Server-side rendering with Nuxt.js

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What is server-side rendering

By default, modern JS frameworks produce and manipulate DOM in the browser as an output. But, it is possible to render the same codebase into HTML strings on the server and send them to the browser and finally compile the static markup into a fully working application on the client-side. A server-rendered application can also be considered isomorphic or universal, in the sense that the majority of your code runs on both the server and the client.

Trade-offs when using SSR

  • Development constraints
  • Build setup, deployment requirements
  • Server-side load

Advantages when using SSR

  • Better SEO
  • Faster time to content

Nuxt.js

Nuxt is a framework based on Vue.js, Node.js, Webpack and Babel. It is free and open-source and we can use it to create various applications from static landing pages to complex enterprise-ready web solutions.

Supports 3 modes of working:

  1. Server-Rendered (Universal SSR)
  2. Single Page Applications (SPA)
  3. Static-Generated (Pre Rendering)

Some of the features Nuxt provides:

  • Write Vue Files (*.vue)
  • Automatic Code Splitting
  • Server-Side Rendering
  • Powerful Routing System with Asynchronous Data
  • Static File Serving
  • ES2015+ Transpilation
  • Bundling and minifying of your JS & CSS
  • Managing element
  • Hot module replacement in Development
  • Pre-processor: Sass, Less, Stylus, etc.
  • HTTP/2 push headers ready
  • Extending with Modular architecture

Project structure

Here we have the project structure that Nuxt provides out of the box. The pages, middleware, plugins and layouts directories are framework-specific and we’ll briefly explain their purpose.

The Nuxt community has added great README.md files into each directory with links to the documentation.

The layouts directory defines all of the layouts that our application can use. This is a great place to add shared global components that are used across the application like the header and footer for example. By default, the template that is used for .vue files in the pages directory is default.vue. It is needed to inject all of the page’s components, text, assets, and data.

Pages is the only required directory. All Vue components in this directory are automatically added to the vue-router based on their filenames and the directory structure. We can have dynamic routes by adding an underscore (_) to a directory or a .vue file.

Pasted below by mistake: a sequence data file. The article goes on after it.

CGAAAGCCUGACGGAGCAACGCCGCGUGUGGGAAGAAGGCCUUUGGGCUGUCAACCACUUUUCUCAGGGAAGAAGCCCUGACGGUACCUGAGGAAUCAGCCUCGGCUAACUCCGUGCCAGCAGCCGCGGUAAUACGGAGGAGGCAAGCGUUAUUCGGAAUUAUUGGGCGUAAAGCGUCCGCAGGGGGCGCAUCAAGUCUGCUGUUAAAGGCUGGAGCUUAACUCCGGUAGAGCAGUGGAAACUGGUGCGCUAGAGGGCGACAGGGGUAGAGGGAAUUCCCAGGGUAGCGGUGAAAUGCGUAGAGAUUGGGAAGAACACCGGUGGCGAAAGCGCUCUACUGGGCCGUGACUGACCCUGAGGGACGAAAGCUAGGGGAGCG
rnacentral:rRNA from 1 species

/pages
---/categories
------/_category_id
------/products
---------/_product_id

// The structure above generates a router config that will provide 
// a route for /categories/1/products/3 for example

Middleware is a function that can be executed before rendering a page or layout. There is a variety of reasons we may want to do so. Route guarding is a popular use where we could check the Vuex store for a valid login or validate some params (instead of using the validate method on the component itself). Another use for middleware can be to generate dynamic breadcrumbs based on the route and params. These functions can be asynchronous, meaning nothing will be shown to the user until the middleware is resolved.

The plugins directory allows us to register Vue plugins before the application is created. This allows the plugin to be shared throughout our app on the Vue instance and be accessible in any component. Most major plugins have a Nuxt version that can be easily registered to the Vue instance by following their docs. However, there will be circumstances when we will have to develop a plugin or need to adapt to an existing plugin.

Nuxt’s supercharged components

Nuxt’s page components have extra methods attached to them that we can use to provide additional functionality. The main ones we would use in a project will be the asyncData and fetch methods. Both are very similar in concept, they run asynchronously before the component is generated, and they can be used to populate the data of a component and the store. They also enable the page to be fully rendered on the server before sending it to the client even when we have to wait for some database or API call.

Summary

There’s a lot to cover with Nuxt and server-side rendering, this post aims to provide a general overview of the framework, why server-side rendering is important and how we can scaffold our next web application using Nuxt.

Before using SSR though, we should ask whether we actually need it. Generally, it depends on how important time to content is for the application. If we are building an internal dashboard where an extra few hundred milliseconds on initial load isn’t an issue, SSR wouldn’t be needed. However, in applications where time to content is critical, SSR can help us achieve the best possible performance.

This is a starter Nuxt application which showcases examples of the features mentioned in the post if you have any comments or feedback let us know.
nuxt-ssr-example

Thanks for reading!